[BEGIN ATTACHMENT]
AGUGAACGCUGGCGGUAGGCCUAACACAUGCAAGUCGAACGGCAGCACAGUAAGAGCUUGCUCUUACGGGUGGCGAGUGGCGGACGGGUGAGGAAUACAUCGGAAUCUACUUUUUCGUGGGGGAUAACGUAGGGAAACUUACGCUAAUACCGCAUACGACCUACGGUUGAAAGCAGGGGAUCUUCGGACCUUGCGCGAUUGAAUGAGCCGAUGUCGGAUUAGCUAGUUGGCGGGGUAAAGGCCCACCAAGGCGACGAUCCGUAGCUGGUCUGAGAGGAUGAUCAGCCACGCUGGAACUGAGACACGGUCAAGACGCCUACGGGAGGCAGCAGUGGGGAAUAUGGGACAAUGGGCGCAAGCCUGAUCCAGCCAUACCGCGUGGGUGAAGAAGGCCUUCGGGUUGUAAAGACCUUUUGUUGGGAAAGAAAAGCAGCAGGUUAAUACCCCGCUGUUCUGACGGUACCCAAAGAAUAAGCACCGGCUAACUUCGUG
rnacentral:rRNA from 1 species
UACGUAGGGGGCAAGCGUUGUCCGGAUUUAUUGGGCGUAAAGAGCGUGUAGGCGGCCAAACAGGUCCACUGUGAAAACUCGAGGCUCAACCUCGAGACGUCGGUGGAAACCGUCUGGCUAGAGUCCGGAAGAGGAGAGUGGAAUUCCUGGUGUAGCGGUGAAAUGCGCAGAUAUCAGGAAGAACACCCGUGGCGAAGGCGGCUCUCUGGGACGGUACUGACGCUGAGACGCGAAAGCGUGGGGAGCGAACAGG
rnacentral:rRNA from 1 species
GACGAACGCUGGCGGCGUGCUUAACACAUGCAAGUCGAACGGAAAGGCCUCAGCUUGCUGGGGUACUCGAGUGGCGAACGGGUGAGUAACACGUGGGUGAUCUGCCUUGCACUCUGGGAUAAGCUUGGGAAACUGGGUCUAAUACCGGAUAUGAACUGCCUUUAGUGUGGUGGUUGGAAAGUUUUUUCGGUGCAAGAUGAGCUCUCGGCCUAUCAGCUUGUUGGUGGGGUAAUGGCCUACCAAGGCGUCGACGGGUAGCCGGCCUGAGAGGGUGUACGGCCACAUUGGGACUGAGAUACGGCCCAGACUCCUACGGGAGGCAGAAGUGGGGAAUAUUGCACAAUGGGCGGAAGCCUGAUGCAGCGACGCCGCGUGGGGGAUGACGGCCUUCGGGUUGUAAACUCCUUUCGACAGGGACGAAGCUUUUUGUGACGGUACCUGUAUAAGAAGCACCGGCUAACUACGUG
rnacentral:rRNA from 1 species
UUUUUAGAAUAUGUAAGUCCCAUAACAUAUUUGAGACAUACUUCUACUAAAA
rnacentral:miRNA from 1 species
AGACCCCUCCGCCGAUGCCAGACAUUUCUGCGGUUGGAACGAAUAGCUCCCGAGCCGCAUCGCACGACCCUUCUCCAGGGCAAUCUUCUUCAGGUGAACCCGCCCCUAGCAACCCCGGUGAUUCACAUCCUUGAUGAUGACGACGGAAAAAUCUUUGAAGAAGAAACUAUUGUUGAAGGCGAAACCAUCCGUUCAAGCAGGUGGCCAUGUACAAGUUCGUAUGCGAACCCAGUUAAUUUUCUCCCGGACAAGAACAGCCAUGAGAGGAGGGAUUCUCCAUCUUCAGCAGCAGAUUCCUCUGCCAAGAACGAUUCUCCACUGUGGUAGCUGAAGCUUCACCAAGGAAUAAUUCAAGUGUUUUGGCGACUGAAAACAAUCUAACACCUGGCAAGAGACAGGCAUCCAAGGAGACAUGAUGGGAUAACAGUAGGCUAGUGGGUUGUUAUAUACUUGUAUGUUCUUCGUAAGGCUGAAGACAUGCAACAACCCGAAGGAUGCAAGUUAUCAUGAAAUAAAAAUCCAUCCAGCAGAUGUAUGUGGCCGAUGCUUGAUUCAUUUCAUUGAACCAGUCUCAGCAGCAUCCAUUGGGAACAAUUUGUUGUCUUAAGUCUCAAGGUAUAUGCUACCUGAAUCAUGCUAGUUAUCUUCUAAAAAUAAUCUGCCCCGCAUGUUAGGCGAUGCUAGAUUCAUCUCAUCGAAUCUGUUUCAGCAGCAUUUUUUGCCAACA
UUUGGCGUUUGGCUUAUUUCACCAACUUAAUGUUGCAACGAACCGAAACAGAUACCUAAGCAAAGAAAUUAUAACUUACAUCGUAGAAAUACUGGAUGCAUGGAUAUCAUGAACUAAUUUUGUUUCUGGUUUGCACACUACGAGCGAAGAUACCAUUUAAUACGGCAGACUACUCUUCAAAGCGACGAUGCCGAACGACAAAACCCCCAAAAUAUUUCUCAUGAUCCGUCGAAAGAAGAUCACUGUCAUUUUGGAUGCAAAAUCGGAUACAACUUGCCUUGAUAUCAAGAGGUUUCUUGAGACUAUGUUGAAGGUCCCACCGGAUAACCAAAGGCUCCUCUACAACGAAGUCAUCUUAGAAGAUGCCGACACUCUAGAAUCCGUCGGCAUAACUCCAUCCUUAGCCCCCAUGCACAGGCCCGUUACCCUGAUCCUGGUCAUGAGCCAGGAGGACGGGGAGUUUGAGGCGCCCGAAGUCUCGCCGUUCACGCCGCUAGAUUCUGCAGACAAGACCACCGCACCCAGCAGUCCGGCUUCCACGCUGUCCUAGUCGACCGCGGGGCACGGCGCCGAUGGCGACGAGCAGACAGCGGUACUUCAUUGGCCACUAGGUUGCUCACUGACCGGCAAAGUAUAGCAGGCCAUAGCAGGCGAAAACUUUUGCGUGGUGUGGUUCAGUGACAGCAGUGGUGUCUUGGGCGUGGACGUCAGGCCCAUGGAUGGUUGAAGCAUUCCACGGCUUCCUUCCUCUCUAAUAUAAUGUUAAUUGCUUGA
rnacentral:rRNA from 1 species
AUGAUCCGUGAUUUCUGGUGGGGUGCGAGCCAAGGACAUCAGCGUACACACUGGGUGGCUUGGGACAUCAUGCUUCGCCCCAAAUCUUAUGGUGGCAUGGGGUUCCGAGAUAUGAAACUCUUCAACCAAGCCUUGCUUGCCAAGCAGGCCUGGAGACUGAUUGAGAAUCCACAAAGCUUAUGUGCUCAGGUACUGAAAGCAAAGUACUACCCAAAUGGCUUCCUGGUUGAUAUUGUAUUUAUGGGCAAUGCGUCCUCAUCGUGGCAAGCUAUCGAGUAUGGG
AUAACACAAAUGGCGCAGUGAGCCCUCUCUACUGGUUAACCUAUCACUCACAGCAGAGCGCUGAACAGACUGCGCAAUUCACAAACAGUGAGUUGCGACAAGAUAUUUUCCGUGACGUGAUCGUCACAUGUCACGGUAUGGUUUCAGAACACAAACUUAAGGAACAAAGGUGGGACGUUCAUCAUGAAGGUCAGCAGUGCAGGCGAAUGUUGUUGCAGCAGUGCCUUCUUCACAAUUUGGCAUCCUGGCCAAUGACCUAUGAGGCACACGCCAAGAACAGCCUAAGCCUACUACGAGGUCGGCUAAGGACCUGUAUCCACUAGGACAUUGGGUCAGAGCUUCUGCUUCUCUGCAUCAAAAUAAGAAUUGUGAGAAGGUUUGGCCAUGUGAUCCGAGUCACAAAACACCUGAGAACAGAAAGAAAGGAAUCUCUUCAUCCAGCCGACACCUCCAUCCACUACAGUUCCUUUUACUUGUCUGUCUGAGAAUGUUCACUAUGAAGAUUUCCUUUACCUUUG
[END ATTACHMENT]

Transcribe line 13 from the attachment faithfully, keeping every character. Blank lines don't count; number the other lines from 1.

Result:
AUAACACAAAUGGCGCAGUGAGCCCUCUCUACUGGUUAACCUAUCACUCACAGCAGAGCGCUGAACAGACUGCGCAAUUCACAAACAGUGAGUUGCGACAAGAUAUUUUCCGUGACGUGAUCGUCACAUGUCACGGUAUGGUUUCAGAACACAAACUUAAGGAACAAAGGUGGGACGUUCAUCAUGAAGGUCAGCAGUGCAGGCGAAUGUUGUUGCAGCAGUGCCUUCUUCACAAUUUGGCAUCCUGGCCAAUGACCUAUGAGGCACACGCCAAGAACAGCCUAAGCCUACUACGAGGUCGGCUAAGGACCUGUAUCCACUAGGACAUUGGGUCAGAGCUUCUGCUUCUCUGCAUCAAAAUAAGAAUUGUGAGAAGGUUUGGCCAUGUGAUCCGAGUCACAAAACACCUGAGAACAGAAAGAAAGGAAUCUCUUCAUCCAGCCGACACCUCCAUCCACUACAGUUCCUUUUACUUGUCUGUCUGAGAAUGUUCACUAUGAAGAUUUCCUUUACCUUUG